Sunday, February 6, 2011

When Despots Fall


I'm still here.  I haven't left, or been taken by extraterrestrials, or even those time travelers who know I'm onto them.  Thing is, I live in a new house, in a new city.  I have a new job, in a new industry.  It's been a life-changing few weeks, and I'm still trying to get past the psychological whiplash.  Soon enough, one trusts this will all devolve into something approximating a routine, and there will be time, energy and processor cycles to devote once again to...whatever this is.

In the meantime, a few quick notes.  Egypt, of course.  People love to take brute advantage of events like these, overlaying their narrative on events they could neither predict nor control, in order to prove the things they believed were true before everything changed.  So explanations tend to focus on individuals and groups, with supporters crediting them with wisdom and patience while those who hate and fear them describe their nefarious, though concealed ideology and support from external enemies.  But let's keep it all in perspective.

Motivations, like outcomes, vary.  There are conditions - technological and political - that make this time different, to some extent, but while revolutions are occasionally successful, they are never pure.  The question is not whether they will be co-opted, but rather by whom and to what ends.  There is no simple narrative - by it's very simplicity it will necessarily be false.  But amidst the chaos and uncertainty, there are two ground truths we can understand even at this point.

First, the internet.  While journalists struggle with the idea that instaneous rich-media global communications can render them, if not obsolete, then at least superfluous, they decry and deride the impact of "Social Media" on the global political landscape.  And in their desperate rear-guard struggle to cling to their own significance, they accidentally tell an important truth.  It is not Social Media that represents the breakthrough - not Facebook, not Twitter, not al Jazeera, not texting, not YouTube - it is the internet.  The various implementations aren't the point, the infrastructure is.  Nothing can happen in the shadows anymore.  No longer can the secret police break up a demonstration or arrest it's leaders.  No longer can journalists be silenced or communications managed by taking the TV and Radio stations by force.  No longer can compromises be negotiated that take weeks to reach the people in the hinterlands.  The internet makes it a Wikileaks world, where everything is done under the glare of international scrutiny, and any action has its responses in seconds.  This is a huge change, one that will effect the way nations are governed and the way that governance is changed forever.  But alone, it is not enough.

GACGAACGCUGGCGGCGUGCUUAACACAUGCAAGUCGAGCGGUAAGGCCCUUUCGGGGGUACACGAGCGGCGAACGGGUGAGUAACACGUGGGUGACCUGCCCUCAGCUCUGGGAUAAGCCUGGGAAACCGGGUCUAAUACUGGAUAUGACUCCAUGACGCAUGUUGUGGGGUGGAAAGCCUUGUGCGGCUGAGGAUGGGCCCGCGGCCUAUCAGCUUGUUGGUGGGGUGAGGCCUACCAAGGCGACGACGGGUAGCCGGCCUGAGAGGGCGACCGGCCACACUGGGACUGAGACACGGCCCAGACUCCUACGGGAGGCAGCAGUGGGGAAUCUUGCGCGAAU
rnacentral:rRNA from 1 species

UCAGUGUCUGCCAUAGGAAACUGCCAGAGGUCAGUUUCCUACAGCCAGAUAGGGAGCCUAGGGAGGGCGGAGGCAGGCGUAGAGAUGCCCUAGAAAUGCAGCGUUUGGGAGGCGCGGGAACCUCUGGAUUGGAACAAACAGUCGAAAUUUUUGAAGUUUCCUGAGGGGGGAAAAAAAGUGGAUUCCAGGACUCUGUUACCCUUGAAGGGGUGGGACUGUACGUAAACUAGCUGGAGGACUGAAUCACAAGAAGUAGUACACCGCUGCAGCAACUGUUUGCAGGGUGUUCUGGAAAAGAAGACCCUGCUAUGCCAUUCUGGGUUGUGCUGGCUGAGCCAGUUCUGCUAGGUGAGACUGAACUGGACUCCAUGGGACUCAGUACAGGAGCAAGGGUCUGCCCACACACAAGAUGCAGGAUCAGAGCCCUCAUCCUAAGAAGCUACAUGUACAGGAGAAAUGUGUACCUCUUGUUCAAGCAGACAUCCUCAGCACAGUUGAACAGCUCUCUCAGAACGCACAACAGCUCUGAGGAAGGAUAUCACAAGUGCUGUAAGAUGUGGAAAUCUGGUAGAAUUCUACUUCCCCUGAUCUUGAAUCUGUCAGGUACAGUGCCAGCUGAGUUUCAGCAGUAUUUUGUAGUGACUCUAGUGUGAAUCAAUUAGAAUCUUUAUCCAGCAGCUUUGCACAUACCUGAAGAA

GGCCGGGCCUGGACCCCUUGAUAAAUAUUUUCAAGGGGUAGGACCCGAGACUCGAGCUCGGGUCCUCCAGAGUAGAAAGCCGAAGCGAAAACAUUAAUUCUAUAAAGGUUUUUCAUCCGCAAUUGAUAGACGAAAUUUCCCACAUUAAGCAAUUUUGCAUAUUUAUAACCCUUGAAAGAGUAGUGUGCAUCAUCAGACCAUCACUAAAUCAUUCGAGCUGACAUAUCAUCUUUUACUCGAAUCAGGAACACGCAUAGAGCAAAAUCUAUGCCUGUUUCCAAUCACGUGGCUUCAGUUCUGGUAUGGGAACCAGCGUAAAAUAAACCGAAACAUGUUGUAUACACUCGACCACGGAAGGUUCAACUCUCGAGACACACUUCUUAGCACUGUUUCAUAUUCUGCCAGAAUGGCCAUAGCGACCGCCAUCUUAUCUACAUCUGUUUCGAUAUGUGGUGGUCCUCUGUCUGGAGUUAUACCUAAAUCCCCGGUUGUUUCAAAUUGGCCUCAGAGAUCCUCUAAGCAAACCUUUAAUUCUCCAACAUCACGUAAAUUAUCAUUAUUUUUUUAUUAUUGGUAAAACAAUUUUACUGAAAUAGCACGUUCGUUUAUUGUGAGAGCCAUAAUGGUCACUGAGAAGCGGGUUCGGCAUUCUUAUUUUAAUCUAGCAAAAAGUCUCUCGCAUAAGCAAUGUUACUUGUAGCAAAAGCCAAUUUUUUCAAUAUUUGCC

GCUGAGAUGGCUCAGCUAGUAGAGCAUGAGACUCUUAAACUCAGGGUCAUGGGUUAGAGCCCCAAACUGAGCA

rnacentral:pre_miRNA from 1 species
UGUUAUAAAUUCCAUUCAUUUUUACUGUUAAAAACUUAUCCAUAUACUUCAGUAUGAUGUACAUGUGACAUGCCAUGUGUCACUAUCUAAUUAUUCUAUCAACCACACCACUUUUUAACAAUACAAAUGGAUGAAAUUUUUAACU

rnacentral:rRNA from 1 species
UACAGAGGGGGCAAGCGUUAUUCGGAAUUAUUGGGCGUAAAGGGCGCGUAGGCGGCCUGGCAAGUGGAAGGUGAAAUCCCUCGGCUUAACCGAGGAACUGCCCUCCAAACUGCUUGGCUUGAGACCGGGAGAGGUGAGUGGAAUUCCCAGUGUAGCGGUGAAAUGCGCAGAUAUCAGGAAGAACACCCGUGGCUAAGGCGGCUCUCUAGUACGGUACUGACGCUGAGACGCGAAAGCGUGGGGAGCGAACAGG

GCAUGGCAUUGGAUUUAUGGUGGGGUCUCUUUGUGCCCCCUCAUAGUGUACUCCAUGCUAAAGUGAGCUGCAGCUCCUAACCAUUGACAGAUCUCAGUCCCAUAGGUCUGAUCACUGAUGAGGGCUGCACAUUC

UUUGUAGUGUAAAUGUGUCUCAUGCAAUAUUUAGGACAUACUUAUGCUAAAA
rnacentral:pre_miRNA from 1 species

Since most popular uprisings against authoritarian rule fail or are crushed, they do not spread to become regional (or even broader) movements.  It was the rare success of the people in Tunisia that provided the people in Egypt and Yemen and other places (Serbia?  Is that you?) the belief that they might achieve their polical goals, and this belief is what gives them the power to overcome their perfectly reasonable fear of the regime's brutal countermeasures.  Further successes will fuel further belief, and this leaves the region's remaining dictators and Presidents for Life in a quandry:  A brutal crackdown, with mass imprisonment, extrajudicial killings and beatings and draconian emergency legislation or even martial law may well suck all the momentum out of the movement and bring a whimpering end to the entire process.  But it all balances on a razor's edge - insufficiently brutal and you will anger those you sought to intimidate and silence, and at some threshold of savagery you sicken those in your own leadership circle, inspiring them to put an end to your regime to relieve the unnecessary suffering of their fellow citizens.